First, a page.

Well, for starters, you could get its creator, who blows up tree stumps on his ranch with improvised explosives, feeds his horse coffee from a “Texas Sized” mug and spouts off one-liners like “You want product, you got product!” on the case.
The “killing machine” in question is R.O.T.O.R., an engineered cop that’s part of the secretive Dallas Robotic Officer Tactical Operation Research lab, whose scientists are “prognosticators for the future?” (are there any other kind?) and make portentous pronouncements about playing god yet change hotel room numbers because of superstition.
Their intrepid leader is Captain Coldyron, a robotics engineer slash police captain, who is pressed by a local corrupt politician to develop his super-cop, ahead of schedule. He protests by saying “if you fire me, I’ll make more noise than two skeletons making love in a tin coffin.” In addition to being a hard-nosed cop and a cutting-edge scientist, he can quote lengthy passages from Paradise Lost verbatim!
The laboratory project was supposed to be a quarter century in the making but at the 60-day mark, the super cop in question, who has a combat chassis-issued prime directive (we’re not sure what that is either) escapes from the lab through a very flimsy plastic cover.
Suddenly the “first prototype of a battalion of the future” is hell-bent on both:
a) remorseless killing and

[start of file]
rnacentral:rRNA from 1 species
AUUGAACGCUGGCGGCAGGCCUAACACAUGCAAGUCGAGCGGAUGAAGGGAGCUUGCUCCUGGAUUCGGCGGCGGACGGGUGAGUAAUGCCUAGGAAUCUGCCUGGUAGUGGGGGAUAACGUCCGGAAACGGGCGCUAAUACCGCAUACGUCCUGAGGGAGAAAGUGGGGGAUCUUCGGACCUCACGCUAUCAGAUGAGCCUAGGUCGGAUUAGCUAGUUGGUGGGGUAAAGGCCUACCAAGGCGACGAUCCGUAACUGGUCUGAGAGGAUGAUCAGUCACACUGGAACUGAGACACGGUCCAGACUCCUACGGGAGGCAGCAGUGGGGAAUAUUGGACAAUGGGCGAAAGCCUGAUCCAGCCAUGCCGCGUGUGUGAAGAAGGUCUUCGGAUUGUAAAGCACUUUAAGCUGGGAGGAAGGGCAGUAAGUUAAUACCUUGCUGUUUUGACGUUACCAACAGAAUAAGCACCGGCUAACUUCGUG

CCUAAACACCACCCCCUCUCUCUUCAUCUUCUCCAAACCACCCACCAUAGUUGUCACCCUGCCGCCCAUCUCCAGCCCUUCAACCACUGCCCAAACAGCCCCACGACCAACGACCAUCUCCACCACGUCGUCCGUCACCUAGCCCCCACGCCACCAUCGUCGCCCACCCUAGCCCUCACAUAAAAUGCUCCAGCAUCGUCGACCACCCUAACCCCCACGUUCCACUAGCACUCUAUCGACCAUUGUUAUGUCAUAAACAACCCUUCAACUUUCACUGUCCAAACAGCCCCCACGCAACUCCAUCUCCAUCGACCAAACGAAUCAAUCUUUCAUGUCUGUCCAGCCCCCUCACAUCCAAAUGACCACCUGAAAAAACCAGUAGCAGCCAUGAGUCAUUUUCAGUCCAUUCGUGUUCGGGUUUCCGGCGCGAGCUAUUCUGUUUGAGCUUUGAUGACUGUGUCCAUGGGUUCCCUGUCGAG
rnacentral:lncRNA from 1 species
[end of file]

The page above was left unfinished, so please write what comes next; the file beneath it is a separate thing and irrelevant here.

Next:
b) ripping off Terminator (which the film actually name-checks) as well as Robocop.
Robocop was undoubtedly ahead of its time, a sharp-shooting satirical presaging of an unconstrained surveillance state.
R.O.T.O.R. on the other hand, features a super-cop with the robust physical stature of George Costanza and a mustache.
One of its numerous design flaws is (putting aside shooting people indiscriminately for a moment), is that it is de-activated with a key and that car horns are its kryptonite.
Coldyron flies to Houston and enlists the help of R.O.T.O.R. co-creator, one Dr. Steele (“oh god, the brain matrix, it’s modelled after your lower brain function without the higher functions to control it!”) who doffs her clothing at the drop of a hat to reveal a physique that looks like it was honed on a pommel horse.
All the while, the rogue super cop manhandles gas station attendants, shoots people for minor traffic violations, plants a hash slinger’s face down on a barbecue grill and takes out a few bar toughs, one of whom rips off his muscle-T Hulk Hogan style and urges R.O.T.O.R to try “taking on a real man.”
R.O.T.O.R. has it all; and by all we mean impenetrable science-y jargon, dismal special effects, telegraphed fights, forced humor, a hard-bitten tough-guy cop and something that truly makes it a stand-out: a jive-talking Native American lab tech, certainly a cinema first. Simply hilarious.
*** (out of 5)